Polka-Dot Man Was, Technically, Killed By A Dot
Abner Krill would get a second chance to shine as Polka-Dot Man after Batman disappeared during DC Comics’ Final Crisis storyline event in 2009. He became part of a team of other strange supervillains, including the aforementioned Condiment King, and Professor Milo (another creation of Bill Finger and Sheldon Moldoff), led by Doom Patrol villain General Immortus, who offered the rogues enhanced abilities and equipment in exchange for being his experimental subjects.
After frequent Martian Manhunter enemy Human Flame betrayed Immortus, he sent Polka-Dot Man after him. The incendiary criminal then lit a gas line under the city streets that sent a manhole cover flying toward him, fatally crushing his head. Since a manhole cover could be seen as a dot, you could consider this one of the most ironic DC character deaths on record.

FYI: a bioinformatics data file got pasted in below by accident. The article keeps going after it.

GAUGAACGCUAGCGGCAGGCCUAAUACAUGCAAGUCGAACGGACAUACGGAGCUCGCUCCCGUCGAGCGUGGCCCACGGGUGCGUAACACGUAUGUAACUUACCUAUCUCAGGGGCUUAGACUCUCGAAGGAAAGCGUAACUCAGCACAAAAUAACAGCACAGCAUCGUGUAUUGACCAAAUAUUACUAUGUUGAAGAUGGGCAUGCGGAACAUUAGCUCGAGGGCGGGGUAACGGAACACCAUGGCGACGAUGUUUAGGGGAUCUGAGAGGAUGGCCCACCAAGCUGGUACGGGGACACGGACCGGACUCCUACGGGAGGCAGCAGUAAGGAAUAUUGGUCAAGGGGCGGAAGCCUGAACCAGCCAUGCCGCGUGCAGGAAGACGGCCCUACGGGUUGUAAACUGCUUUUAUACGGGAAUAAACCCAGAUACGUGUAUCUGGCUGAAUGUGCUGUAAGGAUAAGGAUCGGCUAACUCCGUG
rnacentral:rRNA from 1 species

Since James Gunn has already filled us in on the fact that some The Suicide Squad characters have a better chance of surviving the movie than others, I wonder how David Dastmalchian’s Polka-Dot Man will fair among the other rogues. I mean, seeing him fall prey to Amanda Waller’s explosive head implants could be an interesting way to pay homage to his fate in the comics, but only if it was punishment for stealing a polka-dotted item out of her closet or if, when his head explodes, the blood spatter forms into a perfect polka-dotted pattern. Otherwise, I would vote to keep the weirdo around and see what other “bizarre” adventures he could bring to the future of the DCEU.
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Jason has been writing since he was able to pick up a washable marker, with which he wrote his debut illustrated children's story, later transitioning to a short-lived comic book series and (very) amateur filmmaking before finally settling on pursuing a career in writing about movies in lieu of making them. Look for his name in almost any article about Batman.